Cytology of Interspecific Hybrids in Section Arachis of Peanuts¹

Authors: H. T. Stalker , J. C. Wynne

  • Cytology of Interspecific Hybrids in Section Arachis of Peanuts¹


    Cytology of Interspecific Hybrids in Section Arachis of Peanuts¹

    Authors: ,


Interspecific hybrids between Avachis correntina (Burk.) Krap. et Greg. nom. nud. (coll. GKP 9530-31) and seven other diploid peanut species of section Arachis nom. nud. syn. Axonomorphae (7) were cytologically analyzed. Although hybrid plants were partially sterile, cytological barriers to gene exchange were nonexistent except for A. batizocoi Krap. et Greg, hybrids. Arachis batizocoi hybrids had between 0 and 4.67% pollen fertility, probably due to an average of 2.88 univalents per cell. Laggards and anaphase I bridges were observed in 85% of the hybrid cells. Because the cultigen, A. hypogaea L. (2n = 40), and the diploid wild species (2n = 20) are at different ploidy levels, hybridization results in sterile triploid plants. This is a major barrier to introgression from wild to cultivated varieties. In order to derive wild species of section Arachis at the same ploidy level as A. hypogaea, 572 three to six-day-old seedlings were colchicine-treated representing 34 interspecific Arachis section hybrid combinations. Eighty-one cytologically confirmed amphidiploids plus 49 probable ones based on plant morphology were isolated. After colchicine treatments, 26 autotetraploids were likewise produced from six species. The observations indicated that selection can occur at the diploid level in wild species for desired agronomic traits or for disease and insect resistances. Colchicine-treated selected hybrid seedlings would then serve as a pathway for overcoming the major sterility obstacle to introgressing germplasm into A. hypogaea.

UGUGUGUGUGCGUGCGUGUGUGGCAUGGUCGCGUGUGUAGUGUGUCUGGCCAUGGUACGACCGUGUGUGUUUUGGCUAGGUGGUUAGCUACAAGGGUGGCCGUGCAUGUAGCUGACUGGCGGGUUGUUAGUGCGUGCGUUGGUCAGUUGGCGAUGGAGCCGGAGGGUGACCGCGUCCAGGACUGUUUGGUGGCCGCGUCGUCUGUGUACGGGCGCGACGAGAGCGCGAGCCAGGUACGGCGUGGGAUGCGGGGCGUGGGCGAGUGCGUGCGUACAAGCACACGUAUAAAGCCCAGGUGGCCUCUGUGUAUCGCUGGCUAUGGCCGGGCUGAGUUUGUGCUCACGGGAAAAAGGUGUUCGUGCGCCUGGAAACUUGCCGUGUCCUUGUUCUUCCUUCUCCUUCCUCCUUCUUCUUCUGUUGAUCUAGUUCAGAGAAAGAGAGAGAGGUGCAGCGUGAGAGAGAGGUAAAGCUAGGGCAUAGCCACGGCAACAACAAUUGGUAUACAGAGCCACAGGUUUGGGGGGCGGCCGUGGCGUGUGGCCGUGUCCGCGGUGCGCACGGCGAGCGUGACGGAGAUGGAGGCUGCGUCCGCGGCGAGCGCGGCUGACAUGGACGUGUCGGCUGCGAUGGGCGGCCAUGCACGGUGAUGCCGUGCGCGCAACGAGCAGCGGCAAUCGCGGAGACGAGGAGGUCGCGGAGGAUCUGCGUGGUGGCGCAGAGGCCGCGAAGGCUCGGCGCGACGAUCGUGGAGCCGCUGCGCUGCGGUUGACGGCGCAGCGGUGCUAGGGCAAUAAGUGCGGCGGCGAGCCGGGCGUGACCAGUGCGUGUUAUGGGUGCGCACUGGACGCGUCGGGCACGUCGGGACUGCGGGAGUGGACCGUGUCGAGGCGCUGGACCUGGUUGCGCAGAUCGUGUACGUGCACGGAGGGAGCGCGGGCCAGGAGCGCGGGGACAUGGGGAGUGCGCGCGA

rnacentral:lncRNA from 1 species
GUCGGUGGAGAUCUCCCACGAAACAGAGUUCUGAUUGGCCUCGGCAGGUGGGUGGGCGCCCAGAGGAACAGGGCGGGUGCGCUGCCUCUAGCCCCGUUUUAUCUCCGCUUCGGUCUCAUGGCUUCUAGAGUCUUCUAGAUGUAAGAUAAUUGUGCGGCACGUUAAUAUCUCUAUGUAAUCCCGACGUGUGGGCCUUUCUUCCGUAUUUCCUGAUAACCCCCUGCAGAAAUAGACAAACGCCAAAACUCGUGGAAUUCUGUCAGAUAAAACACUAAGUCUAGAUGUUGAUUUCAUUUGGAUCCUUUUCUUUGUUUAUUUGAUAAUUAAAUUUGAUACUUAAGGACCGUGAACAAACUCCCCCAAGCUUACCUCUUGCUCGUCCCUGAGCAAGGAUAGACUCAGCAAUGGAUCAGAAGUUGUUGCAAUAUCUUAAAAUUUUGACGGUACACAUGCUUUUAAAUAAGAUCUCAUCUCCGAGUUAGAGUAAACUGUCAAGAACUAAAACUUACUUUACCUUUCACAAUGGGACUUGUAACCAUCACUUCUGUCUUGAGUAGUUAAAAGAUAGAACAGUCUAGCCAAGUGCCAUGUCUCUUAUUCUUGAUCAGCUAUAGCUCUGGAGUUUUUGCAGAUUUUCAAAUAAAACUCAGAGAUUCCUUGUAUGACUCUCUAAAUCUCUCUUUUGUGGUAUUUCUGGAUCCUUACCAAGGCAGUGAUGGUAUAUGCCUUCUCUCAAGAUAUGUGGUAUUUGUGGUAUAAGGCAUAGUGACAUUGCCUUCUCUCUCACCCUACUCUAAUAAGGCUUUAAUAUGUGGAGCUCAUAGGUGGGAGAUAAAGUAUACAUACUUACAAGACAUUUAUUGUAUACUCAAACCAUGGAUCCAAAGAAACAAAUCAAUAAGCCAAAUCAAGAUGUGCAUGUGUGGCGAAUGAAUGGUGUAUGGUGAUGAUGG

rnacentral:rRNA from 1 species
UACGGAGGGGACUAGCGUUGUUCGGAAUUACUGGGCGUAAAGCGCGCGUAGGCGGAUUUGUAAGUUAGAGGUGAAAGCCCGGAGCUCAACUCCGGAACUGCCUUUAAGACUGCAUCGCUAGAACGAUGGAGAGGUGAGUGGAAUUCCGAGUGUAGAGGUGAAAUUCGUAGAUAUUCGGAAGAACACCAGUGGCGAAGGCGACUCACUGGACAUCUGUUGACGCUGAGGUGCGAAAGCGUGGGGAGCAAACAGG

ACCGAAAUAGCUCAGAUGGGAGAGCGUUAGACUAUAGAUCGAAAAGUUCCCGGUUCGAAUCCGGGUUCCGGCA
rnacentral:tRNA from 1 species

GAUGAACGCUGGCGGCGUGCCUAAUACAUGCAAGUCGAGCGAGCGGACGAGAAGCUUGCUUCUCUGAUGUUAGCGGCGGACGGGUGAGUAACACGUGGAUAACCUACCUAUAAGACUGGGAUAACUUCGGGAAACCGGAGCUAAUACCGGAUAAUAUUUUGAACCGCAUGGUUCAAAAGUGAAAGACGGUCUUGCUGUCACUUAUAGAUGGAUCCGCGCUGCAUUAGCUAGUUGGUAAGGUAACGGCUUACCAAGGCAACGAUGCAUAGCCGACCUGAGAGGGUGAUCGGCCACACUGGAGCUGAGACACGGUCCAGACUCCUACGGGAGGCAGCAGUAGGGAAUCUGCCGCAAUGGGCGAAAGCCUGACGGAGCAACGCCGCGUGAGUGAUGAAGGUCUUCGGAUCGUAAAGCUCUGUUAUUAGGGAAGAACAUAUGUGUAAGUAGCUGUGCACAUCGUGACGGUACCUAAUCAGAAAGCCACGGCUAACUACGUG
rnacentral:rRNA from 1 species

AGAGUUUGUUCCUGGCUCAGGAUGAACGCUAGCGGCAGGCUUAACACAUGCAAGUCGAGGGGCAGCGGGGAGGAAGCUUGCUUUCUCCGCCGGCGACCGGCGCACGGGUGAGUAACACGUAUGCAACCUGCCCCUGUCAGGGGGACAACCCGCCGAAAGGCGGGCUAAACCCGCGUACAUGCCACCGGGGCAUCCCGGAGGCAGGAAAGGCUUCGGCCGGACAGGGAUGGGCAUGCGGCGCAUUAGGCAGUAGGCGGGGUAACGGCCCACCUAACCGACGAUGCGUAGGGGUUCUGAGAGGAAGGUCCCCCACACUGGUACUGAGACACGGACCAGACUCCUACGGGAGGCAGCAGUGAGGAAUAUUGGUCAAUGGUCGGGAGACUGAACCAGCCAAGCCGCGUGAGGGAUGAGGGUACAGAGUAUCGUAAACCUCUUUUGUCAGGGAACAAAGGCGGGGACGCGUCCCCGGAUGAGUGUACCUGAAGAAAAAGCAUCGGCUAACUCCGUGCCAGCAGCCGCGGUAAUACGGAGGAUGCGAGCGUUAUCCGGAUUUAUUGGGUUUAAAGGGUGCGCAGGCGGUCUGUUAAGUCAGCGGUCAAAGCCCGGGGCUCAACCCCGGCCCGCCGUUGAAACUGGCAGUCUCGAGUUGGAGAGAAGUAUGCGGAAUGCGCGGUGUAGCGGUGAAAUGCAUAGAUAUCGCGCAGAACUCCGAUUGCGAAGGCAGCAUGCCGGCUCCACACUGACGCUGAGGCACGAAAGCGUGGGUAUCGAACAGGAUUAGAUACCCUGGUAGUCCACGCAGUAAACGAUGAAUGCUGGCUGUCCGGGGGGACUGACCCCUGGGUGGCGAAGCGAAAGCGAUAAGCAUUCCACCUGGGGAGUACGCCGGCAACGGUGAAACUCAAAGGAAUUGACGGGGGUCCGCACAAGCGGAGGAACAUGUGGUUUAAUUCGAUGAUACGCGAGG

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Keywords: Amphidiploids

How to Cite:

Stalker, H. & Wynne, J., (1979) “Cytology of Interspecific Hybrids in Section Arachis of Peanuts¹”, Peanut Science 6(2), p.110-114. doi:



Published on
01 Jul 1979
Peer Reviewed

Author Notes

1Paper number 5908 of the Journal Series Number of the North Carolina Agricultural Research Service, Raleigh. The investigation was supported in part by ICRISAT and SEA-CR Grant no. 701-15-51.